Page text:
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Ice cream for business plan

Kids love ice cream. Use their desire for the cold delight to
inspire them in a creative endeavor. The concept is easy—
give your kid a scoop of ice cream for creating a business plan.
For the reward to be within your kid’s grasp, the exercise
should not take more than thirty minutes to complete. It’s
fun, engaging, and the kid gets a good learning experience.
It will teach them to be creative, structured, thoughtful,
improve their writing, and the ability to present—all valuable
business and life skills. Before you start, you need to explain
what a business plan is.

  • A business plan describes the business idea and how to
    implement it. It may be original, a new idea or starting
    something similar to other companies. It can be a
    new product, a new theme park, a local restaurant,
    or selling a product or service that already exists. You
    can mention some examples to inspire them or ask
    them to develop solutions to problems they have or see
    others have. Tell them to write a paragraph to describe
    their idea and why they think it will be valuable to
    customers. The text may be supplemented with
    drawings. This is the absolute minimum they have to
    do to deserve ice cream.
  • Have them describe what they intend to charge for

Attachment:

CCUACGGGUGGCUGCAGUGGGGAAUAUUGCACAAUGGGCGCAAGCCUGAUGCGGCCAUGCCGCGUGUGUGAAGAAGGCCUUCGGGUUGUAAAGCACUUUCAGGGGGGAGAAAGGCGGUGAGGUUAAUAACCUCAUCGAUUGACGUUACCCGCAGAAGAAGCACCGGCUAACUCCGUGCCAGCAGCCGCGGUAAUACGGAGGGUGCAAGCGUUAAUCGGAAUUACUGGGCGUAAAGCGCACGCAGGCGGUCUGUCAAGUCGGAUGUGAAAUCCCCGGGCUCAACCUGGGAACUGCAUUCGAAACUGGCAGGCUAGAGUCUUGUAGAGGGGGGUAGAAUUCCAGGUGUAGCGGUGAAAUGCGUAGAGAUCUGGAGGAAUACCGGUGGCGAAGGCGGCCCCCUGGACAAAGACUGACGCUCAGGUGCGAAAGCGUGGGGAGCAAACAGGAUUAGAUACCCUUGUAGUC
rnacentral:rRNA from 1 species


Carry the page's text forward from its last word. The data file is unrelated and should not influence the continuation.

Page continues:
their product or service, etc. The benefit of them
    setting the price is that they have to consider how
    much value their offering creates and what customers
    could be willing to pay for their offer.
  • Finally, they should briefly describe how they would go
    about setting up such a business.
  • When they have completed their business plan, have
    them present it to you aloud. Presenting will help
    your kid improve their ability to distill the essence of a
    message and communicate it out loud to others.
    Now, give them the ice cream without asking too many
    questions and giving too much feedback. If you do this
    exercise many times, you can challenge your kid more. If
    they want to spend more time on their business plan, they
    can include these elements in their plan:
    • Who are their customers (it should not be everyone; it
      should be more specific)?
    • What is their market (the geographical area and the
      customers within that area)?
    • How would they market their business (in what
      channels and what is the message)?
    • Make a budget for the business (what do they expect in
      revenues per month, and what are the different costs
      associated with it?)

What would their store, posters, T-shirts, etc. look like
(they can add drawings of their business if they want)?
Make sure to give praise. Don’t comment on misspellings or
things you find to be “crazy” or impossible in the business
plan. After you do the exercise multiple times, your kid will
gain confidence and be more daring in their creativity.

The last point is that creativity often flows better if there
are limitations or boundaries instead of free reign. Creating
a business plan for a new restaurant, or selling something
new to kids at school, is often easier for kids to understand
and make a business plan for than telling them to create any
type of business in the world. The limits add structure to

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